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8-week yoga wellness program feasible, beneficial in ob.gyn trainees



A yoga-based wellness program was associated with reductions in blood pressure and measures of depersonalization in a pilot study of ob.gyn. trainees, according to Shilpa Babbar, MD, of Saint Louis University, and associates.

The wellness program consisted of weekly 1-hour yoga classes over an 8-week period as well as weekly physical and nutritional challenges. The 29 people recruited to participate had their blood pressures, heart rates, and weights measured at baseline; they also took the abbreviated Maslach Burnout Inventory, the Depression Anxiety Stress Scale, and the Five Facet Mindfulness Questionnaire. These tests were repeated after the 8-week study period.

Of the 29 people who were recruited, 25 completed the study and 26 attended at least one class. Those who completed the program attended a mean of 3.8 classes, and 68% of participants attended at least half of the classes; no participant attended all classes. Participation in the weekly challenges was slightly less common, with 80% of participants engaging in at least one nutrition challenge and 60% of participants engaging in at least one physical challenge.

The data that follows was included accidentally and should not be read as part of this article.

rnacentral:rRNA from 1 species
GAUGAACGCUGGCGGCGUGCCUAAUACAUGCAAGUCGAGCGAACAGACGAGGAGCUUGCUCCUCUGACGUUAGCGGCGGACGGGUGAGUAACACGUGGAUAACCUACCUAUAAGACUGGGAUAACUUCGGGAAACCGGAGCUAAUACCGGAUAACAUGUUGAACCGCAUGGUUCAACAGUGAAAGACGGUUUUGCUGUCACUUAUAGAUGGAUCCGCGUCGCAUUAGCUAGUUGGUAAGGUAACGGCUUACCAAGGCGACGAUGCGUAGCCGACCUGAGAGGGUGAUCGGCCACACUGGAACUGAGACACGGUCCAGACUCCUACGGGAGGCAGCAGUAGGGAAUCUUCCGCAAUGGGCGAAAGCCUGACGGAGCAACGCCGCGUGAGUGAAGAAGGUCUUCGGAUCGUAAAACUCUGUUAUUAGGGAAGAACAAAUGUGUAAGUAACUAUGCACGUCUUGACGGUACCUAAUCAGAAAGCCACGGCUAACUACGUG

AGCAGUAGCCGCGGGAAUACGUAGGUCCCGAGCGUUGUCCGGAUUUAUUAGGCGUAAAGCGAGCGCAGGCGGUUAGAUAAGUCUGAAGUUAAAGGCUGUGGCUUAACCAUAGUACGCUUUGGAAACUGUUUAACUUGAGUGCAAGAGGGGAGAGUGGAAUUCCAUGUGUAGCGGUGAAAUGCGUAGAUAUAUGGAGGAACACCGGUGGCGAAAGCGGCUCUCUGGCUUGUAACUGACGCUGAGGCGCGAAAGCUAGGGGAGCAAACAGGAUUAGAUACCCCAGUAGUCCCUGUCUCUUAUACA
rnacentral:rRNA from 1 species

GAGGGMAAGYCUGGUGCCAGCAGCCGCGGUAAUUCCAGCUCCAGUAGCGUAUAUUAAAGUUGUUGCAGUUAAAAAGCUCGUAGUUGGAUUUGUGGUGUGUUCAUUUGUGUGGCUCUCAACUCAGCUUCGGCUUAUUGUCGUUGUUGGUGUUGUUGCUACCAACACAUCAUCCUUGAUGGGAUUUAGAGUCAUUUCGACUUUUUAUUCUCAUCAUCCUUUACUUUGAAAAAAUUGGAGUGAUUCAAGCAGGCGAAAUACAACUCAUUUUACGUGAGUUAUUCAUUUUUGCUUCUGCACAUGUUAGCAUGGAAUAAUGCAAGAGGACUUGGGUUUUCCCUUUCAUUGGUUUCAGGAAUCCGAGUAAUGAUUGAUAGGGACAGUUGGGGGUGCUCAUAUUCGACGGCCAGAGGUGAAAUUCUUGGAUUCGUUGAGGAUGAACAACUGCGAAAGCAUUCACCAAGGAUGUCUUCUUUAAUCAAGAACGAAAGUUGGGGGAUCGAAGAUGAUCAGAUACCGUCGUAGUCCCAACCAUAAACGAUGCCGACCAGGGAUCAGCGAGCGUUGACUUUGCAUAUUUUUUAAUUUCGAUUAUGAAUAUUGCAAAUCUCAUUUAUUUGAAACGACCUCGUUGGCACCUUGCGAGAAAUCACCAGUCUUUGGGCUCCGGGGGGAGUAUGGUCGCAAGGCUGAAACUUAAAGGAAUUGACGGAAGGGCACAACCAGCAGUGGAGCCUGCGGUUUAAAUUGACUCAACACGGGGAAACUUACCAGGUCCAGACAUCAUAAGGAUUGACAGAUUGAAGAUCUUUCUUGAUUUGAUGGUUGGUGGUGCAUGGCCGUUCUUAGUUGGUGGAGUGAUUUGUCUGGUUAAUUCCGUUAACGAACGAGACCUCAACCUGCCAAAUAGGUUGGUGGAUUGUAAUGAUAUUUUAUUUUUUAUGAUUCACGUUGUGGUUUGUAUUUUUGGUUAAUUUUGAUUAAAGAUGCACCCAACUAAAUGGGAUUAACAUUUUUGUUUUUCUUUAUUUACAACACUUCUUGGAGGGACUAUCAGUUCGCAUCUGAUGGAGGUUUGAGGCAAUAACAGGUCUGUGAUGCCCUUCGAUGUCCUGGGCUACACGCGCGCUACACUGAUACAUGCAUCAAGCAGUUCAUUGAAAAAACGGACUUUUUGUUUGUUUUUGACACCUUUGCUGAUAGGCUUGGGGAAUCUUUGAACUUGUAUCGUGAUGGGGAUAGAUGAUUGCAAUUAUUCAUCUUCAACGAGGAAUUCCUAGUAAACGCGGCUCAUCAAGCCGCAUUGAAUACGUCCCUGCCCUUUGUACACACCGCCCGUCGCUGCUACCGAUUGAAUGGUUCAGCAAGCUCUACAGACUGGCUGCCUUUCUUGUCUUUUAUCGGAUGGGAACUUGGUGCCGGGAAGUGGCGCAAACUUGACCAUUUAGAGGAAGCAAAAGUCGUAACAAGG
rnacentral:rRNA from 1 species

After the program had ended, participants had a significant decrease in the depersonalization component of burnout (P = .04), anxiety (P = .02), and systolic (P = .01) and diastolic (P = .01) blood pressures. In addition, those who attended more than 50% of classes had significantly lower systolic and diastolic blood pressures, compared with those who attended less frequently (P = .02 and P = .04, respectively). Participants also expressed increased camaraderie, appreciation, motivation, and overall training experience in a postprogram survey.

Future studies providing evidence-based, multidisciplinary solutions are needed to improve not only the well-being of the caregiver, but also patient care and overall health care system performance,” the investigators concluded.

One coauthor reported consulting with Health Insights Collaborative; no other conflicts of interest were reported.

SOURCE: Babbar S et al. Obstet Gynecol. 2019 May;133(5):994-1001.

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